I do a lot of work with payload-free packages and I’ve looked for a while for a tool that would let me easily create them from existing scripts. While I have a process for creating them as needed with pkgbuild, this approach still requires some setup work.
After thinking about it and taking a look at various approaches, I’ve developed Payload-Free Package Creator.app, an Automator application that will allow the selection of an existing script and create a payload-free package that runs the selected script. For more details, see below the jump.
For the past few major releases, Sophos used a standard installer package to install both their free and paid antivirus solution. With the release of Sophos Anti-Virus 9.x though, Sophos changed how their antivirus solution for Macs was installed by switching to using an application to install it. For their customers using Sophos Enterprise Console, Sophos will still provide a installer metapackage, but all other customers now need to use the application to install Sophos Anti-Virus 9.x on Macs.
Curiously, Sophos went to some lengths to make their install application look like a standard installer package.
This extended to the point of naming the actual application as Installer, which is the same name as Apple’s Installer.
This switch away from using installer packages was a problem for Mac admins who wanted to deploy Sophos 9.x, but did not have Sophos’ enterprise console. After doing some research and reading a very helpful thread on JAMF Nation, it looks like it is possible to repackage Sophos 9.x for deployment. For more details, see below the jump.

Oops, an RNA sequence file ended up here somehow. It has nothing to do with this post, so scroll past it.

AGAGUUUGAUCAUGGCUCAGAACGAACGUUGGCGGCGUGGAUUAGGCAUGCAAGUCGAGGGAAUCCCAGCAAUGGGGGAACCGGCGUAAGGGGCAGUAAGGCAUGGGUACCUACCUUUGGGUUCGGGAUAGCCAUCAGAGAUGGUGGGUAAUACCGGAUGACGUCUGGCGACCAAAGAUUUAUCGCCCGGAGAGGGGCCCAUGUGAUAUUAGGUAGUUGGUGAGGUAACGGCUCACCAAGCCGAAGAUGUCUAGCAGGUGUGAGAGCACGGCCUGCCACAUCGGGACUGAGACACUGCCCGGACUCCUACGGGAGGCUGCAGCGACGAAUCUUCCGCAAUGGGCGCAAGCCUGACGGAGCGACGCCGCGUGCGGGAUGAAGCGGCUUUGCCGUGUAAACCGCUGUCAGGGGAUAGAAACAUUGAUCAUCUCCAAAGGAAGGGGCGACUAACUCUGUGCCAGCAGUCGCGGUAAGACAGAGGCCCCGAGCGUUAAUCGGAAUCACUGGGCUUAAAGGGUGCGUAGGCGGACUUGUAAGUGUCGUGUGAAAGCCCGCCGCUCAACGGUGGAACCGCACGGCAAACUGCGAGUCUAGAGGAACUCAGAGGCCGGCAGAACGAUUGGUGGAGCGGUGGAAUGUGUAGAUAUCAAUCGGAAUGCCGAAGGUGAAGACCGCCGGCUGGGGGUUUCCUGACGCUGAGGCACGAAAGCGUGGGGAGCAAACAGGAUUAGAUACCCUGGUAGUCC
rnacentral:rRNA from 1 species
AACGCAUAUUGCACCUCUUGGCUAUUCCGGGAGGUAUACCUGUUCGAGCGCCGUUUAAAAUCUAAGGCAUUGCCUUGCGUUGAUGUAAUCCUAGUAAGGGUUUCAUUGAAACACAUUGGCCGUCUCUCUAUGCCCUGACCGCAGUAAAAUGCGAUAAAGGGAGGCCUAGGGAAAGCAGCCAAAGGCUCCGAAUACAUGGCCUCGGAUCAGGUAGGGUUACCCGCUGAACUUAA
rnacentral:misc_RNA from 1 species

Prior to OS X Mavericks, the /etc/authorization XML file controlled the rights for many different actions, such as adding a printer, setting up Time Machine or setting DVD region codes. Modifying this file required root access and could be performed with a text editor. The /etc/authorization file could also be modified by using the security command line tool included with OS X, but most chose not to do so because directly editing the file was easier.
With the release of OS X Mavericks, /etc/authorization has been removed in favor of a new authorization database, which is a SQLite database located at /var/db/auth.db. There is also an authorization.plist file located in /System/Library/Security, which is used by the OS as a template for a new /var/db/auth.db database file, in the event that the OS detects on boot that /var/db/auth.db does not exist.
To see what’s in the database, you can export the database to a text file using the following command:
sudo sqlite3 auth.db .dump > /path/to/filename.txt
It’s also possible to open the exported data directly inside text editors that support this option. For example, the following command can be used to export the database and automatically open the exported data in a new TextWrangler document:
sudo sqlite3 auth.db .dump | edit
I recently purchased a new MacBook Pro Retina for my own use and encrypted it with FileVault 2. As part of setting it up, I ran the following command to ensure that the laptop hibernated (where the contents of the RAM are written to disk) and also have the FileVault 2 key automatically removed from the saved RAM state when I put the laptop to sleep: